In the following months, Magnify shifted its focus largely to the New England-style IPA. “It appeals to almost everyone,” he says. “We have people come into the taproom saying they hate IPAs because they’re too bitter. But then they taste the six IPAs we usually have on our eight taps and they see how each is drastically different, and how this style isn’t the IPA of old. And they leave loving juicy IPAs.”
To satisfy the growing fan base, Carrle has created over 60 different IPAs to date. “A brewer could spend their whole life brewing IPAs with just Citra, Simcoe, and Cascade hops, and never run out of different ways to express them,” he says.
IPAs account for about 85 percent of Magnify’s production, and even more of its packaged beer. But the style isn’t its only specialty. “We also like exploring wood aging,” Carrle says, alluding to Search Saison, a year-round offering fermented in an oak foeder (the brewery has two, one dedicated solely to farmhouse ales, the other to lagers) with multiple strains of Brettanomyces yeast. Point of Divergence, an annual Imperial Stout, is fermented with wine yeast and aged for 12 months in bourbon, red-, and white-wine barrels before the results are blended. “Focusing on IPAs gives us the freedom to really experiment with other kinds of beer,” he adds.
The team also experiments within the New England-style IPA category. Originally conceived as a one-time collaboration with Pennsylvania’s Søle Artisan Ales, Keep It Mello will be brewed again for BeerAdvocate’s Extreme Beer Fest in February. Cans of the first batch sold out in three hours. “People keep asking us to make more,” Ruta says. It has likely “stuck” with fans in part because of one gooey ingredient: nearly four pounds of Marshmallow Fluff per barrel.
“Marshmallow Fluff is truly the strangest and most alien ingredient I’ve ever had the pleasure of brewing with,” says Joe Percoco, founder of Søle Artisan Ales. “Seeing the Fluff float around in the kettle among the hops was like watching the Michelin Man sunbathing in a sea of algae. People loved that beer.”
The excitement surrounding Magnify’s copious hop-driven output caused the brewery to be “stretched real thin capacity wise” in early 2017, Ruta says. In the last few months, Magnify added a 20-barrel bright tank, and 20- and 40-barrel fermentors. To keep up with demand, Carrle and brewer Sean Connelly are double batching four to five times a week, and annual production is expected to increase to 4,000 barrels in 2018, up from 2,500 this year. A new off-site warehouse added 4,200 square feet of space to grow Magnify’s barrel-aging program and increase storage for items like cans.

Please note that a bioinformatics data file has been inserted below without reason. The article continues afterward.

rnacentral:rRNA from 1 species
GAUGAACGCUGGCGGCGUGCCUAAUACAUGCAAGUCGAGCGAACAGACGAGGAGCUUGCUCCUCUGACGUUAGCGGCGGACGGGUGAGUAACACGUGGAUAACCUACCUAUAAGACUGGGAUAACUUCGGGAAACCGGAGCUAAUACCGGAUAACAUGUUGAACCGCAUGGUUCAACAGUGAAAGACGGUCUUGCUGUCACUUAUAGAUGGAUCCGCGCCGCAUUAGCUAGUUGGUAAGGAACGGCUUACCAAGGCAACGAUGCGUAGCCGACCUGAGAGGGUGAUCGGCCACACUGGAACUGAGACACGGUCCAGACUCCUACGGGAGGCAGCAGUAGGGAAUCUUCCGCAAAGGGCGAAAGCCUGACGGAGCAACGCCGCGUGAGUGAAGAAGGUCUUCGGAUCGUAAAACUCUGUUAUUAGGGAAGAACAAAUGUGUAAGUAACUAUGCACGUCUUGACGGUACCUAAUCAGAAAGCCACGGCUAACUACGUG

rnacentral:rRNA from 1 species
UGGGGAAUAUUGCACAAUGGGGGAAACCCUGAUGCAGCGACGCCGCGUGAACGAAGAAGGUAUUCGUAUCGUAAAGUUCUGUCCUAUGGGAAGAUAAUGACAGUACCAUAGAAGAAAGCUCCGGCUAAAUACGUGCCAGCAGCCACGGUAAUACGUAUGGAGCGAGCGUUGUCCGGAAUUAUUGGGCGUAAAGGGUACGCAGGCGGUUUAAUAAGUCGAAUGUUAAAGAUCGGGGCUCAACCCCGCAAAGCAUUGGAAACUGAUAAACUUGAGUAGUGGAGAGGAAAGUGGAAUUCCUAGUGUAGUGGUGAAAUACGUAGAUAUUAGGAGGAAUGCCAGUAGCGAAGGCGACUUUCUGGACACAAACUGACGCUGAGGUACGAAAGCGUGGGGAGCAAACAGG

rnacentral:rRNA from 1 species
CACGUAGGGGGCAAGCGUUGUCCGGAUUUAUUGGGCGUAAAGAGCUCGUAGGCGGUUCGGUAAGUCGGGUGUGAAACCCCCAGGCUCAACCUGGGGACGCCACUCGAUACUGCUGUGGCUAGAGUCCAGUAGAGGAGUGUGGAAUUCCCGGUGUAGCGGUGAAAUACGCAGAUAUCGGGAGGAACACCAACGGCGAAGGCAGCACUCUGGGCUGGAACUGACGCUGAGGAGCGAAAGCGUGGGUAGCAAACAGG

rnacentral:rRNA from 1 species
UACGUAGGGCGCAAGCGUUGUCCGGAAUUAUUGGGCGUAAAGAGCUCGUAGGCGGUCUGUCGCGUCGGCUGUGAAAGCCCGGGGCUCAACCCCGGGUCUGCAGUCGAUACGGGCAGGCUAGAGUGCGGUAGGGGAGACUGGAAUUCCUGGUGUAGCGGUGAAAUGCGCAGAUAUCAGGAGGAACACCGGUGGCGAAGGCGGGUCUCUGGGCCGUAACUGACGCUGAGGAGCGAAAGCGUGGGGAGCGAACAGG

To help manage the long lines for those cans once they’re filled, weekly releases were moved from Friday or Saturday to every Wednesday. “Lines are good for ego, but bad for business,” Ruta says. “Selling cans directly from the brewery has been a major lifeblood for us and other small breweries, but we have to be able to have people come and buy them in a way that’s not stressful or chaotic.”
Still, whether coming from the adjacent town or three states over, Ruta understands that most of Magnify’s drinkers are there for the IPAs. “And that’s fine with me,” he says. “This is what we like to do, so I’m not ashamed of being labeled as an IPA brewery.”
Carrle agrees. “It’s what we do best, so why shy away? Now that craft drinkers are more familiar with what’s out there, it’s great that brewers can focus on, and perfect, one or two specific things. We love to make hazy IPAs, and we’re excited to be known for it.”
6 20-barrel fermentors
2 40-barrel fermentors
3 20-barrel bright tanks
2 30-barrel oak foeders
Vine Shine IPA: Magnify’s flagship IPA is hopped entirely with American varieties, offering potent aromas of pine and citrus, and brisk, refreshing flavors. 6.5% ABV
Search Saison: This year-round beer is fermented in the brewery’s Saison-exclusive oak foeder with multiple strains of Brett. A pleasing combination of fruit, funk, and earth. 5.5% ABV
Peak Oil: A concentrated hop experience, this DIPA is built on Citra, Mosaic, and Amarillo in the whirlpool, dry hopping with Citra and Mosaic lupulin powder, and conditioning on Apollo oil. 9.0% ABV
Double Dry Hopped Maine Event IPA: This take on a New England-style IPA showcases Citra and Simcoe via two rounds of dry hopping, the second with the lupulin powder of both varietals. 6.5% ABV
Point of Divergence: Fermented with wine yeast, this Imperial Stout is aged in bourbon, red-, and white-wine barrels for one year before blending. Dramatic and tannic, with flavors of dark fruits, chocolate, and tobacco. 10.5% ABV
Keep It Mello: A collaboration with Søle Artisan Ales, this DIPA is made with Marshmallow Fluff, oats, wheat, vanilla beans, lactose sugar, and Galaxy and Motueka hops. Sweet, fruity and reminiscent of a milkshake. 8.0% ABV ■